Ever-changing technology and the advancement of visual mediums have redefined how we consume news and entertainment. Creators are spearheading new innovations every day that they incorporate into podcasts, social media, television and more. For Bishop Ronald Dewberry, this new wave of creativity laid the groundwork for the creation of a new opportunity to fill a gap in Central New York.
As a young man, Bishop Dewberry was enamored by communication, specifically journalism. This love for the field stayed with him through his younger years, but showed him the increasingly prevalent absence of Black creators in the media space. As a result of the pandemic, advancements in media have been fast-tracked to new heights. If there was ever a time to build something new and creative, Bishop Dewberry knew now was his chance.
“It’s well documented that Syracuse struggles with one of the highest poverty rates in the country,” Bishop Dewberry said. “We believe digital media entrepreneurship to be one of the most accessible types of business ownership — at its simplest, media owners can create wealth with a phone, internet connection, and social media presence.”
Bishop Dewberry partnered with Sean Branagan and Daniela Molta of the S.I Newhouse School of Public Communications to create a diverse communications training program for the Black community in Syracuse through his nonprofit, Center of Hope International (CHI). The program, named Black Media Mogul Maker, sports a holistic approach to communications that prepares future Black entrepreneurs for multimedia content creation. For 10 weeks, 25 individuals receive mentorship and training to help turn their media aspirations into a reality.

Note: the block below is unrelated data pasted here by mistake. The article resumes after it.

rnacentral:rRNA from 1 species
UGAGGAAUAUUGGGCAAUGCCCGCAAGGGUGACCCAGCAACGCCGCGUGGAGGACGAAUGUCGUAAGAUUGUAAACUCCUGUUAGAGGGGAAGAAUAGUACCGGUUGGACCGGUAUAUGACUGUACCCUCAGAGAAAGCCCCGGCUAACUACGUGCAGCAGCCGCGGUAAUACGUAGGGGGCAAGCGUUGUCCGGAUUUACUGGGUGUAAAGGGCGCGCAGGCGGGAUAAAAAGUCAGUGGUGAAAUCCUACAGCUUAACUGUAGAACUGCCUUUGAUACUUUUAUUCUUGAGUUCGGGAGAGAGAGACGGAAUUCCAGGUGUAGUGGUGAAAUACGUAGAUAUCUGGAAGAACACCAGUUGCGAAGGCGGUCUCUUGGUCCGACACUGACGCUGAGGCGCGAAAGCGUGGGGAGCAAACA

Black Media Mogul Maker not only emphasizes the entrepreneurial spirit, but realizes the importance of culture in communication. Dewberry cited the successful radio station POWER620, which was recently sold to the radio juggernaut, iHeart Radio. Immensely successful, it reached the ears of the Black community in Syracuse, and provided a unique sense of community for its listeners in a time when there were few mediums for the Black community to tell stories and connect.
The program also provides an opportunity for entrepreneurs to collaborate and build their network, which Molta explained is key to being successful in the field. Upon completion of the program, participants pitch their business venture, competing for additional seed funding for their business.
“Our goal is to provide a roadmap, skills, and community to foster Black media ownership in Syracuse,” Molta said. “In effect, bridging the digital divide, creating generational wealth and diversifying the stories that shape culture.”
With the help of a grant from the Black Equity & Excellence Fund, the CHI was able to hire new staff and speakers to help accommodate the growing demand. Funding was also used to purchase marketing materials and other necessary technology equipment so participants can experience the latest innovations in technology firsthand.
CHI promotes solutions for empowerment, self-sufficiency and sustainability to promote economic and entrepreneurial development, financial literacy, and business acumen for diversity and inclusion. Black Media Mogul Maker has become a successful extension of this mission and the interest in the program has grown significantly.
“The digital revolution has undeniably changed the way we live and interact but it’s still lacking representation of Black voices,” said Bishop Dewberry. “This program is providing the tools for these entrepreneurs to make an impact on the media stories that the community sees.”